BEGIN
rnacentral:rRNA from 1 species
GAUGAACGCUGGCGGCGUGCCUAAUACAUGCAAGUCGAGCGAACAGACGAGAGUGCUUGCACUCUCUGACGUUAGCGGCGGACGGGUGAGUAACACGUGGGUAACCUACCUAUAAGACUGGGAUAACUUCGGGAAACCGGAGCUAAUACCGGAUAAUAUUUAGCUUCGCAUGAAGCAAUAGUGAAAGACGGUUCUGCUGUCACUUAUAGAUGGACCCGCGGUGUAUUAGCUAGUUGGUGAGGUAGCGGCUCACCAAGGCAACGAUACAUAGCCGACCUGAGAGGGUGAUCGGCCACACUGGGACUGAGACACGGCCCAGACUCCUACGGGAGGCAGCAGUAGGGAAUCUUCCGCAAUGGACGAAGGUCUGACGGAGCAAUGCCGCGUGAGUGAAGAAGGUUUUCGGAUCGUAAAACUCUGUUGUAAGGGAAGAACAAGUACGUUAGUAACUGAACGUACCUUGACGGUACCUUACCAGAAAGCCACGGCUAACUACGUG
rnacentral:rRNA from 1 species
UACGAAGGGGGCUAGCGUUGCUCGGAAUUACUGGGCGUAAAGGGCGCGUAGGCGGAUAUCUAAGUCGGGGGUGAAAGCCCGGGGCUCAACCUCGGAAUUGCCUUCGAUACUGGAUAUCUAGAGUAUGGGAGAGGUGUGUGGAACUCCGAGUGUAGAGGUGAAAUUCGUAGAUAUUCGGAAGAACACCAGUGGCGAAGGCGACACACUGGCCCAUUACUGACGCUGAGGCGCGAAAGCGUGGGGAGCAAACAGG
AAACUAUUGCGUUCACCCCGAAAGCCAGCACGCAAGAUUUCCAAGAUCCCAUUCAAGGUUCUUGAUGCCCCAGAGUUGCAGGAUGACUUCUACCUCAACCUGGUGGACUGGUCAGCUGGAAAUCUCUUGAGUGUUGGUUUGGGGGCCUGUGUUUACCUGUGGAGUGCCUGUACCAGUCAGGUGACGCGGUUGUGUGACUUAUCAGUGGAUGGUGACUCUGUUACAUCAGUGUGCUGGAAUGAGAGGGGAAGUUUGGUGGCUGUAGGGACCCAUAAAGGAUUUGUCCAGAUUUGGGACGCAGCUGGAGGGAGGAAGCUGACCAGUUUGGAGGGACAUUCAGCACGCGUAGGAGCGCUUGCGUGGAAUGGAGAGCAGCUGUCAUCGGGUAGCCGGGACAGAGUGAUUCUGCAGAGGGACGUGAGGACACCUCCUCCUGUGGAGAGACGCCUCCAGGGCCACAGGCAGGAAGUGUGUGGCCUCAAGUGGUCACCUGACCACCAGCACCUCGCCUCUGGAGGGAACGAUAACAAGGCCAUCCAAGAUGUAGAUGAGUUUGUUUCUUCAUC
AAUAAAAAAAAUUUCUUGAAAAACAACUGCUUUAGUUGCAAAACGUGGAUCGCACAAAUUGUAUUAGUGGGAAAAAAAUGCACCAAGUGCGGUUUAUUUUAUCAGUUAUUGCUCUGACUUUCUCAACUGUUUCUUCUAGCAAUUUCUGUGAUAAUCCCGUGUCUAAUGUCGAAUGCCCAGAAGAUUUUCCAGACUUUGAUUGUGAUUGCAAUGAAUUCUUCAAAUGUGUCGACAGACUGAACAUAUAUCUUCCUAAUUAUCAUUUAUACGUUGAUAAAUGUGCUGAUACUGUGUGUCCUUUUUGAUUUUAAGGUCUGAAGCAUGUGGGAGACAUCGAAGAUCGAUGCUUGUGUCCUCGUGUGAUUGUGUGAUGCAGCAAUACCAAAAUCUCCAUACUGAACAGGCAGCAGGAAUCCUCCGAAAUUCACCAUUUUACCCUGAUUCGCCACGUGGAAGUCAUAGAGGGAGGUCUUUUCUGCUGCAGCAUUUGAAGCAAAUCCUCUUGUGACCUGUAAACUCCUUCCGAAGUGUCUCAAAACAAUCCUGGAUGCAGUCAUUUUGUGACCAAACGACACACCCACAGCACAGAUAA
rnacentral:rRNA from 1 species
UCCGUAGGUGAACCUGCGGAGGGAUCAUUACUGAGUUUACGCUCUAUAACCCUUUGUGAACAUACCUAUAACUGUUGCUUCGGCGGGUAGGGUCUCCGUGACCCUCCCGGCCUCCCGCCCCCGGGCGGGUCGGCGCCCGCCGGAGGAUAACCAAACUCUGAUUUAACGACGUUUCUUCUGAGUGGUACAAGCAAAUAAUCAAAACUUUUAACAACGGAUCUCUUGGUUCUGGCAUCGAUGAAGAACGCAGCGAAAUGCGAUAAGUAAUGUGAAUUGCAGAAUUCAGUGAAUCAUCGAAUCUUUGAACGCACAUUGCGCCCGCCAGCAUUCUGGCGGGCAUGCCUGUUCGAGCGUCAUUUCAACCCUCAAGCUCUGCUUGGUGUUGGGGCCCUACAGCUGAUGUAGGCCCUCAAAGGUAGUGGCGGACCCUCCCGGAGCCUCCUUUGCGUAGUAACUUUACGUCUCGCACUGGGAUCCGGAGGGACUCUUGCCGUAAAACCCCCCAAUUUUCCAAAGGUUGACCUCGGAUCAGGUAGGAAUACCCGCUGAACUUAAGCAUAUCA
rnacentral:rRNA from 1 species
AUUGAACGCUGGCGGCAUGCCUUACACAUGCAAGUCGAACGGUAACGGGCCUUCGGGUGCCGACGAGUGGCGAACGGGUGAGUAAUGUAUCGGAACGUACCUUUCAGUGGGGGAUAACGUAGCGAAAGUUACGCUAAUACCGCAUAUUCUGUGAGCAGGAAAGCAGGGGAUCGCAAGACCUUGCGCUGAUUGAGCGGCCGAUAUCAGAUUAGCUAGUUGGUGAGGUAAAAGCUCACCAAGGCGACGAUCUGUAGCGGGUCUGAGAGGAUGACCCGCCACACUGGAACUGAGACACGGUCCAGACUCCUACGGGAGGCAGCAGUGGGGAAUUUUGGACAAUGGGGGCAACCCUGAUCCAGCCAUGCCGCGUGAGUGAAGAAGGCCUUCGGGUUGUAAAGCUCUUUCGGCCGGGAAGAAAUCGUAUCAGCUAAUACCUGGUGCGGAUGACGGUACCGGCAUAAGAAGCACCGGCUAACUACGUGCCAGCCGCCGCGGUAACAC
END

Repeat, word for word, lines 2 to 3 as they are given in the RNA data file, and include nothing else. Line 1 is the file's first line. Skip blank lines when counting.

GAUGAACGCUGGCGGCGUGCCUAAUACAUGCAAGUCGAGCGAACAGACGAGAGUGCUUGCACUCUCUGACGUUAGCGGCGGACGGGUGAGUAACACGUGGGUAACCUACCUAUAAGACUGGGAUAACUUCGGGAAACCGGAGCUAAUACCGGAUAAUAUUUAGCUUCGCAUGAAGCAAUAGUGAAAGACGGUUCUGCUGUCACUUAUAGAUGGACCCGCGGUGUAUUAGCUAGUUGGUGAGGUAGCGGCUCACCAAGGCAACGAUACAUAGCCGACCUGAGAGGGUGAUCGGCCACACUGGGACUGAGACACGGCCCAGACUCCUACGGGAGGCAGCAGUAGGGAAUCUUCCGCAAUGGACGAAGGUCUGACGGAGCAAUGCCGCGUGAGUGAAGAAGGUUUUCGGAUCGUAAAACUCUGUUGUAAGGGAAGAACAAGUACGUUAGUAACUGAACGUACCUUGACGGUACCUUACCAGAAAGCCACGGCUAACUACGUG
rnacentral:rRNA from 1 species